How To Be Respectful On Cinco de Mayo, Because It's A Cultural Celebration
Thursday marks the Cinco de Mayo holiday for the Mexican community and now is as good a time as any for a refresher on how to be respectful on Cinco de Mayo. First of all, let's clear up a common misconception: Cinco de Mayo is not Mexican Independence Day — that falls on Sept. 16 — rather, Cinco de Mayo celebrates a key victory by the Mexican Army against the French at the Battle of Puebla on May 5, 1862. Cinco de Mayo is a chronically misunderstood holiday, and not just in the United States — but we can do our part to change that.
To be clear, I'm not saying you shouldn't celebrate Cinco de Mayo because it's not the "PC" thing to do. It's not a matter of being "PC" — it's really about using common sense, like having enough common sense to not use cultural stereotypes as a means of honoring or celebrating a culture. I'm also not saying you have to be Mexican to celebrate or appreciate Cinco de Mayo — but if you aren't Mexican or have no connection to the holiday at all, then don't be an insensitive dolt about how you celebrate it. Here are a few ways to be more sensitive on Cinco de Mayo, because it doesn't exist just so people can drink tequila.
1. Stop Calling It "Cinco de Drinko"
Yes — this is a thing people say. No, "drinko" is not some clever Spanish word for beverage, either. "Cinco de Drinko" is anything but clever or witty: It's just dumb. And perhaps indicative of some repressed alcoholism. Cinco de Mayo is more than just drinking margaritas until you can't see straight, or tossing back shots of tequila. Culturally significant holiday, remember?
2. Just Avoid Any Fake Spanish Vocab For That Matter
Building off of the point above, Cinco de Mayo does not give anyone permission to suddenly start prefacing everything with "el" and ending every word with "-o" in some lame attempt to fashion together some kind of Spanish-esque phrasing. "Drinko" is not a word and you are not "El Drunko." Just — just don't. It's embarrassing for everyone involved.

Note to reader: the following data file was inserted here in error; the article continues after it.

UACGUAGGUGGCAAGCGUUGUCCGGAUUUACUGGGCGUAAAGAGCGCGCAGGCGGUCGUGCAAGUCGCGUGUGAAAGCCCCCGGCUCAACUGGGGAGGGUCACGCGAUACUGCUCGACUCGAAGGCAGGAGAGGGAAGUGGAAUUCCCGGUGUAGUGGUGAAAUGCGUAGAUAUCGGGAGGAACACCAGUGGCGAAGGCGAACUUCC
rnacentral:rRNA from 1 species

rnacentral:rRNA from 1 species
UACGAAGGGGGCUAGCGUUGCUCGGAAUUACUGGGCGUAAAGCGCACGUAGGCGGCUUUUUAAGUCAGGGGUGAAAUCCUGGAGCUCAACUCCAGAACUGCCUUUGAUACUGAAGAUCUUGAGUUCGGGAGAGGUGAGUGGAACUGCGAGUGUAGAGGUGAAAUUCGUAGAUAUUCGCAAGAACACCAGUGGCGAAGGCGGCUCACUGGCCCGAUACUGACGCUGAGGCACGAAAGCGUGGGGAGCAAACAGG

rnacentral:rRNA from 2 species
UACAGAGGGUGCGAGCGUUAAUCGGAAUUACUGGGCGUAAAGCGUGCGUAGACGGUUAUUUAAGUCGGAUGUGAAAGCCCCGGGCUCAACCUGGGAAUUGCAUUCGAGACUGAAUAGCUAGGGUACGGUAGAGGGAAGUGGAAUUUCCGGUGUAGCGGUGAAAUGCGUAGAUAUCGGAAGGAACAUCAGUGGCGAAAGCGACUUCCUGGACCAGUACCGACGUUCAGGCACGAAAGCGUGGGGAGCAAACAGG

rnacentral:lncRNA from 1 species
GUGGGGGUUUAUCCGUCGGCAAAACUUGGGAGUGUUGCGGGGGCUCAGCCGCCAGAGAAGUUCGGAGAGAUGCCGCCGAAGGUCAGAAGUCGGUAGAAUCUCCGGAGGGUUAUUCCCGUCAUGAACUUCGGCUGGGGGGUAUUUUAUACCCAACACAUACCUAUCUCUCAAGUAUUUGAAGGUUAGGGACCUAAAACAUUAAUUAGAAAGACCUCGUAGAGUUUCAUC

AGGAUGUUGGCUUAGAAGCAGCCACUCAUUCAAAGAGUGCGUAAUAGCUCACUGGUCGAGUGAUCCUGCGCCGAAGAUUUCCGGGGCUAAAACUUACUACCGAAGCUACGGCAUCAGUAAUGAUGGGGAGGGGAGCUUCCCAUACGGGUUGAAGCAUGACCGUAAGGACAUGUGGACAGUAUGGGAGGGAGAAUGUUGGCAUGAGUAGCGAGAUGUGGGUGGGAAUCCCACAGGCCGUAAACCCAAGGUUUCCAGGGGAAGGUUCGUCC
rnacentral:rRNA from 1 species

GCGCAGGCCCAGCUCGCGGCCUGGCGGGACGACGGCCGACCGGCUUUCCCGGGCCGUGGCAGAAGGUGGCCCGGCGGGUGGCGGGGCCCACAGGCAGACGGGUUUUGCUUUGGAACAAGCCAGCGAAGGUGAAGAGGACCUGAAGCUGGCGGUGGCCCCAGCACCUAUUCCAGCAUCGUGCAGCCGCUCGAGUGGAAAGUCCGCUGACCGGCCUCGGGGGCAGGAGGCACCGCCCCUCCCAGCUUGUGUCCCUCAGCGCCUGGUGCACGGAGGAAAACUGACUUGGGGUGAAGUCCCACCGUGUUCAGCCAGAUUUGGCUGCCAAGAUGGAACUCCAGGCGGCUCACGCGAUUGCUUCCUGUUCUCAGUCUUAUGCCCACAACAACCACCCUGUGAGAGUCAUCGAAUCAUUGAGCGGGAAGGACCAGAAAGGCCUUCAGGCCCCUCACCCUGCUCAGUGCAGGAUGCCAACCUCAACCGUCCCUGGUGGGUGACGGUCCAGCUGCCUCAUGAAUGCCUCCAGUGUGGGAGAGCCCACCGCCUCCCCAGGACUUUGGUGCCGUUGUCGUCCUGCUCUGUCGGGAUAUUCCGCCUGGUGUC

3. Don't Confuse Casual Racism For Celebration
We live in an age where we tread a fine line of cultural appreciation versus cultural appropriation: There's a big difference between paying homage to someone or something or just outright mocking them. Sombrero parties for Cinco de Mayo? Yeah, those fall squarely in the "cultural appropriation" category. Brownface is just as offensive and wrong as blackface and yet you'll still see plenty of Cinco de Mayo party invites encouraging partygoers to sport their best sombrero, serape, and mustache ensembles. Yeah... that's just encouraging brownface. Don't do it.
4. Let's #ReclaimCinco Instead
I've presented a lot of don'ts here — but there are plenty of dos that can make Cinco de Mayo a fun, celebratory experience without having to make use of stereotypes. There's a very real movement to #ReclaimCinco across social media in an effort take Cinco de Mayo back from embarrassing examples of cultural appropriation. From educating yourself to giving back to issues important to the Latino community, it's totally possible to celebrate Cinco de Mayo responsibly and respectfully.